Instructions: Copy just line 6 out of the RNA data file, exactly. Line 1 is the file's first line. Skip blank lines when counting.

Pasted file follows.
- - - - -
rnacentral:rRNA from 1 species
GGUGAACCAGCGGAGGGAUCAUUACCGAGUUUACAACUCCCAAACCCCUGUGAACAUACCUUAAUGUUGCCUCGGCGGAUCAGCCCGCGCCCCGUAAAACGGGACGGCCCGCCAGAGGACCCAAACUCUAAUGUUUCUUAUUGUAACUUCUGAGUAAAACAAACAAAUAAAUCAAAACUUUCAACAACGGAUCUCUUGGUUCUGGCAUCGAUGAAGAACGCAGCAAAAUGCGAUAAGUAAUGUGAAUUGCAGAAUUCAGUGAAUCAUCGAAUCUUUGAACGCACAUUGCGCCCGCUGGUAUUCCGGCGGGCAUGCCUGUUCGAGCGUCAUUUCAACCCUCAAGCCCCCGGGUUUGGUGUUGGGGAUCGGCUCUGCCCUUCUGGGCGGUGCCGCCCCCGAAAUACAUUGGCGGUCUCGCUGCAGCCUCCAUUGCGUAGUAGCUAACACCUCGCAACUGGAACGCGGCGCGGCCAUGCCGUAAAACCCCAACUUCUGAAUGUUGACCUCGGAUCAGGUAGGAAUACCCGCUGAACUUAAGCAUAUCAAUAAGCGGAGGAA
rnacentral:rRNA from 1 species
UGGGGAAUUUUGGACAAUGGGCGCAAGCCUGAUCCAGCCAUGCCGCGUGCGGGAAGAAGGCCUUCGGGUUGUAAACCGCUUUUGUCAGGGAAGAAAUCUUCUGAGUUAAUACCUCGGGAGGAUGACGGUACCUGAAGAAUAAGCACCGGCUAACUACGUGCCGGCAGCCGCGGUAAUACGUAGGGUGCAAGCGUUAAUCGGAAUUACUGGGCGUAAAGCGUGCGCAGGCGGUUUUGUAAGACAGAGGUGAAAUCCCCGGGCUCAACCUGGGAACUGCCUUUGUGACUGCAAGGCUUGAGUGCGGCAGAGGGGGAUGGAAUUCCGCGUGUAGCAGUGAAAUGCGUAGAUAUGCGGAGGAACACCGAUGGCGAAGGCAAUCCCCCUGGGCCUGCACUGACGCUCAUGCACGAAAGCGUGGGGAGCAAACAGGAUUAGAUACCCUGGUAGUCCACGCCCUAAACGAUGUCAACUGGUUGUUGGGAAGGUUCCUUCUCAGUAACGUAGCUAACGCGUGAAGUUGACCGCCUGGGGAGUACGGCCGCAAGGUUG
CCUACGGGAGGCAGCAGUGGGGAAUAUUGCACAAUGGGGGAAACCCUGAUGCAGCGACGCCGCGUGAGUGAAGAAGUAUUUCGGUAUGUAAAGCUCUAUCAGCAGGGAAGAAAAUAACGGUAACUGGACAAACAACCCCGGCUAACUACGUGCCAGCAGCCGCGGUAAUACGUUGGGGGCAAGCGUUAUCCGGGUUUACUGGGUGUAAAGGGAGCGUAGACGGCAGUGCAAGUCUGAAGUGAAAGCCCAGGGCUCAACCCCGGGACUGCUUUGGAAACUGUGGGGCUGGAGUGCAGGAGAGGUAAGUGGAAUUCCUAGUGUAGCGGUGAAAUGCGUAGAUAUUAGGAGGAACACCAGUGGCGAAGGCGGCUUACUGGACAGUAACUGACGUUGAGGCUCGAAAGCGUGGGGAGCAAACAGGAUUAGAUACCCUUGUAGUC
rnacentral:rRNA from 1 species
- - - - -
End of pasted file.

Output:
rnacentral:rRNA from 1 species